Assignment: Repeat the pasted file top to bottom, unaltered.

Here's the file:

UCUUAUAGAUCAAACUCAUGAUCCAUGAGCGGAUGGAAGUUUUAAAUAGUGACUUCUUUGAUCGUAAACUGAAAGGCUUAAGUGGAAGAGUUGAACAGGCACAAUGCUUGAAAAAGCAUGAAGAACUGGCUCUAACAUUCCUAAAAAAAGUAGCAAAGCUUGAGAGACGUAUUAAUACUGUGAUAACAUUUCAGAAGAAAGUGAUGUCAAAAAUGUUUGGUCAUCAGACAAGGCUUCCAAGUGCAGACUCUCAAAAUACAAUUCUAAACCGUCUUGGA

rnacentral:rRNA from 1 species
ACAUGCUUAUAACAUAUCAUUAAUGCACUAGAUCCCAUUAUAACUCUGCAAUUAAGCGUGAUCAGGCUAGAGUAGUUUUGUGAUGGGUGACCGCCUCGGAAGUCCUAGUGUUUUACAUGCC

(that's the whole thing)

UCUUAUAGAUCAAACUCAUGAUCCAUGAGCGGAUGGAAGUUUUAAAUAGUGACUUCUUUGAUCGUAAACUGAAAGGCUUAAGUGGAAGAGUUGAACAGGCACAAUGCUUGAAAAAGCAUGAAGAACUGGCUCUAACAUUCCUAAAAAAAGUAGCAAAGCUUGAGAGACGUAUUAAUACUGUGAUAACAUUUCAGAAGAAAGUGAUGUCAAAAAUGUUUGGUCAUCAGACAAGGCUUCCAAGUGCAGACUCUCAAAAUACAAUUCUAAACCGUCUUGGA

rnacentral:rRNA from 1 species
ACAUGCUUAUAACAUAUCAUUAAUGCACUAGAUCCCAUUAUAACUCUGCAAUUAAGCGUGAUCAGGCUAGAGUAGUUUUGUGAUGGGUGACCGCCUCGGAAGUCCUAGUGUUUUACAUGCC